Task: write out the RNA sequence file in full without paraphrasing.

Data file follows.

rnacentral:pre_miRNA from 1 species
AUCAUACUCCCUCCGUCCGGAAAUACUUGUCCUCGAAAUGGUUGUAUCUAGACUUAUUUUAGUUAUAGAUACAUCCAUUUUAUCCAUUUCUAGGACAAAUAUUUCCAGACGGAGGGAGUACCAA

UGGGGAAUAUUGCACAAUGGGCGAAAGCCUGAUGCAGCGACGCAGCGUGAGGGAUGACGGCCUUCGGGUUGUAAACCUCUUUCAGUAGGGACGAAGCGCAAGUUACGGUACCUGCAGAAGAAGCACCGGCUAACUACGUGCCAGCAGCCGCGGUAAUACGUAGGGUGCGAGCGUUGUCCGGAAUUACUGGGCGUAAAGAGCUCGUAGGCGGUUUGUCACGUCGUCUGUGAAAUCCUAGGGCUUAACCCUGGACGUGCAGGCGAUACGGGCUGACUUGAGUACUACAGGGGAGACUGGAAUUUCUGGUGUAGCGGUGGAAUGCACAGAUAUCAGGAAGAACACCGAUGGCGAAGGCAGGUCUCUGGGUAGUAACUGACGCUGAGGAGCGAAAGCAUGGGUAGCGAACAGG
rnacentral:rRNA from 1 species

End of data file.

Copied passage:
rnacentral:pre_miRNA from 1 species
AUCAUACUCCCUCCGUCCGGAAAUACUUGUCCUCGAAAUGGUUGUAUCUAGACUUAUUUUAGUUAUAGAUACAUCCAUUUUAUCCAUUUCUAGGACAAAUAUUUCCAGACGGAGGGAGUACCAA

UGGGGAAUAUUGCACAAUGGGCGAAAGCCUGAUGCAGCGACGCAGCGUGAGGGAUGACGGCCUUCGGGUUGUAAACCUCUUUCAGUAGGGACGAAGCGCAAGUUACGGUACCUGCAGAAGAAGCACCGGCUAACUACGUGCCAGCAGCCGCGGUAAUACGUAGGGUGCGAGCGUUGUCCGGAAUUACUGGGCGUAAAGAGCUCGUAGGCGGUUUGUCACGUCGUCUGUGAAAUCCUAGGGCUUAACCCUGGACGUGCAGGCGAUACGGGCUGACUUGAGUACUACAGGGGAGACUGGAAUUUCUGGUGUAGCGGUGGAAUGCACAGAUAUCAGGAAGAACACCGAUGGCGAAGGCAGGUCUCUGGGUAGUAACUGACGCUGAGGAGCGAAAGCAUGGGUAGCGAACAGG
rnacentral:rRNA from 1 species